2 MINUTES ON… Indexing good behaviour

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New stock market indices that track how well companies adhere to standards in corporate governance were unveiled earlier this month.

The FTSE ISS Corporate Governance Index (SGI) series was launched in December, and this month saw the first rankings surface.

Among the companies taking the top plaudits are British companies such as BT, mining group BHP Billiton, Smith & Nephew and Scottish Power. The indices track aspects such as equity structure, independence of the board, integrity of the audit process, director share ownership and compensation systems for directors.

The new ratings will give companies a gauge of how well they are doing compared to other companies.

Some see the indices as a tool to improve the running of companies' information security and push it further up the boardroom agenda.

"This could be a big stick with which to beat [senior management]," says Richard Starnes, president of the ISSA UK.

Others also welcome the indices, as they can help companies differentiate themselves from other firms.

"From a legal point of view, it is quite good because it encourages peer pressure," says Stephen Mason, legal director of Cryoserver and a non-practising barrister. "It acts to differentiate you from your competitors."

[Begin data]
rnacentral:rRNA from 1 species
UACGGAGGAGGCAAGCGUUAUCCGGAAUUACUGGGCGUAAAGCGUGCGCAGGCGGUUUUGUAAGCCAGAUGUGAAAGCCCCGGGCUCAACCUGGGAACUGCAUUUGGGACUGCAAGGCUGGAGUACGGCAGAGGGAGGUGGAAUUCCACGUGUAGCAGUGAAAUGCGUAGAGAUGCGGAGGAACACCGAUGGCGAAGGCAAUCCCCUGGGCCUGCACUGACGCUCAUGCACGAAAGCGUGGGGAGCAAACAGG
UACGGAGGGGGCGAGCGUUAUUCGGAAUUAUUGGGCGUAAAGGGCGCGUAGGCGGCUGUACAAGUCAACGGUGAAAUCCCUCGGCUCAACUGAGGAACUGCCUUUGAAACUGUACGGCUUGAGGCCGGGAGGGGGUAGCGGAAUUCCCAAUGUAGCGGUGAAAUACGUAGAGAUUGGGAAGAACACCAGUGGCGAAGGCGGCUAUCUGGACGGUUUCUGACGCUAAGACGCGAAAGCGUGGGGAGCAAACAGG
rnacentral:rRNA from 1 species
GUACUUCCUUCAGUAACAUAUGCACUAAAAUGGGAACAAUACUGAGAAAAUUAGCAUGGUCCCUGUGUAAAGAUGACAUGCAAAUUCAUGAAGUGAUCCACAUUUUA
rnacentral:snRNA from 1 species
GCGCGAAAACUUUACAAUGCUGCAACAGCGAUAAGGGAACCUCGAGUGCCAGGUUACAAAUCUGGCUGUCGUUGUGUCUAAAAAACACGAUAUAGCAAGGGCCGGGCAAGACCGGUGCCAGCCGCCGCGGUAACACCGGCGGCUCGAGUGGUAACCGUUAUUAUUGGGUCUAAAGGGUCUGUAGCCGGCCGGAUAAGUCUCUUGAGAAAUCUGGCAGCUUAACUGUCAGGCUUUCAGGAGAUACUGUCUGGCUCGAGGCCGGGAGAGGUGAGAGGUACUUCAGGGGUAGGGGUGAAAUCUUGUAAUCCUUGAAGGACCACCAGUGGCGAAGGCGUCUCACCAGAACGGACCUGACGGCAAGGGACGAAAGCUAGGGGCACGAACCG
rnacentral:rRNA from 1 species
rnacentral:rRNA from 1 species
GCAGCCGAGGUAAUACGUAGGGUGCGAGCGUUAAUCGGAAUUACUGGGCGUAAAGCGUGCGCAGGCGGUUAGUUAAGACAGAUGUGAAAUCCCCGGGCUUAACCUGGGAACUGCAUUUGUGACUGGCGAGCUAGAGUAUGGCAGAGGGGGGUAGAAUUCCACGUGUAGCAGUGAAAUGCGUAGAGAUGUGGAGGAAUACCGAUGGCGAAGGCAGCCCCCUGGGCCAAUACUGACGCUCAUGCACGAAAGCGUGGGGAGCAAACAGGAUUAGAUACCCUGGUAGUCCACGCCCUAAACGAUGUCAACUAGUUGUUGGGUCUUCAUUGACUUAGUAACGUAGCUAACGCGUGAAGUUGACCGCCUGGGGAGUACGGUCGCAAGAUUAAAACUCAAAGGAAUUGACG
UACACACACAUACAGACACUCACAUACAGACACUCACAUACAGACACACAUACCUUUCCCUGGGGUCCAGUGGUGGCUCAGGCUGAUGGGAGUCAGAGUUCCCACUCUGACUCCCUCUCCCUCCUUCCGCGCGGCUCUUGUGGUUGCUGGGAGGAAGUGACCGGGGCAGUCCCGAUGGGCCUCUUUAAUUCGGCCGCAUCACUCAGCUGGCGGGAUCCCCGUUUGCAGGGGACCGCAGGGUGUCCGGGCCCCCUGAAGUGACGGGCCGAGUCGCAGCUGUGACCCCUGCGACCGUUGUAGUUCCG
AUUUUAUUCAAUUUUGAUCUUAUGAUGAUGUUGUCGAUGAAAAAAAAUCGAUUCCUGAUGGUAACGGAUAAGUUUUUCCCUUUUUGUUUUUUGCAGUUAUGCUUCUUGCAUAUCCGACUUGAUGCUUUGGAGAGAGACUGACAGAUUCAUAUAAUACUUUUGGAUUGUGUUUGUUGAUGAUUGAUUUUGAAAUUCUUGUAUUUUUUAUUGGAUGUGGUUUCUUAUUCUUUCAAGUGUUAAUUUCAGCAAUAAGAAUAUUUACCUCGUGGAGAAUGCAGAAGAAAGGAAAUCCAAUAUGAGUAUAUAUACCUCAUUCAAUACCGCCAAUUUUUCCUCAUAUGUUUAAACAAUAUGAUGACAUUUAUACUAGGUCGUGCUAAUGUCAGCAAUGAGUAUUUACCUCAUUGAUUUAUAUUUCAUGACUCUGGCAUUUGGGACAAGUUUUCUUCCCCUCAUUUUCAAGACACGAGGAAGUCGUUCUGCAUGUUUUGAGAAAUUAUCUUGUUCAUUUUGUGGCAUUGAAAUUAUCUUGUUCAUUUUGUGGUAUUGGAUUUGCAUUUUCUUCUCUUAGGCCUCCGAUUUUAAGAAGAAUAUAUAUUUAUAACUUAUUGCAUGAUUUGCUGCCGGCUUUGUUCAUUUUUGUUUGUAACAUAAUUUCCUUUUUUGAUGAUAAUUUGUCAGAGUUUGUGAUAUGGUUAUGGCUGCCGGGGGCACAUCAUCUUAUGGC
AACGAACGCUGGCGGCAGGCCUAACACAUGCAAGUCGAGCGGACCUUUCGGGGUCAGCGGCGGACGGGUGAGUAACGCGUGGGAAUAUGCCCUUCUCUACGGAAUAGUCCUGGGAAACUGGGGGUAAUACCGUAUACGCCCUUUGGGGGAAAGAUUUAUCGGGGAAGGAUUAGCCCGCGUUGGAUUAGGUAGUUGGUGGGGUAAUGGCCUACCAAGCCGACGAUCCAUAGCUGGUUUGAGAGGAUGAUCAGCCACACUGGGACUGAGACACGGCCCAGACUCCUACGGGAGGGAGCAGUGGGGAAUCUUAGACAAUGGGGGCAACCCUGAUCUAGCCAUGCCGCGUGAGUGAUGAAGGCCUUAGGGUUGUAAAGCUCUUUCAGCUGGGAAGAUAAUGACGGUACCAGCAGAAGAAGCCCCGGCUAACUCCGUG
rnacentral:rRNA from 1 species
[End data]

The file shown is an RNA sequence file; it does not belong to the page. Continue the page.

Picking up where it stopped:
Others see problems with the indices and point out they do not go far enough to cover IT security properly. Adrian Wright, managing director of Secoda Risk Management applauded the indices because they enable organisations and institutional investors to know who they are dealing with.

"But none of these indices cover IT security much. They only cover broad areas such as boardroom independence and CEO remuneration," he said.

"There is only one section, Director Education, that comes close to IT security, and this is the one that could be expanded to include operational risk and information security."

He says it is a great start, but added that the indices need to be more detailed.

"The top-down approach to corporate governance... starts with how the board conducts itself and works its way down. The next level is where the detail is, and this needs to be looked at in future."

By René Millman
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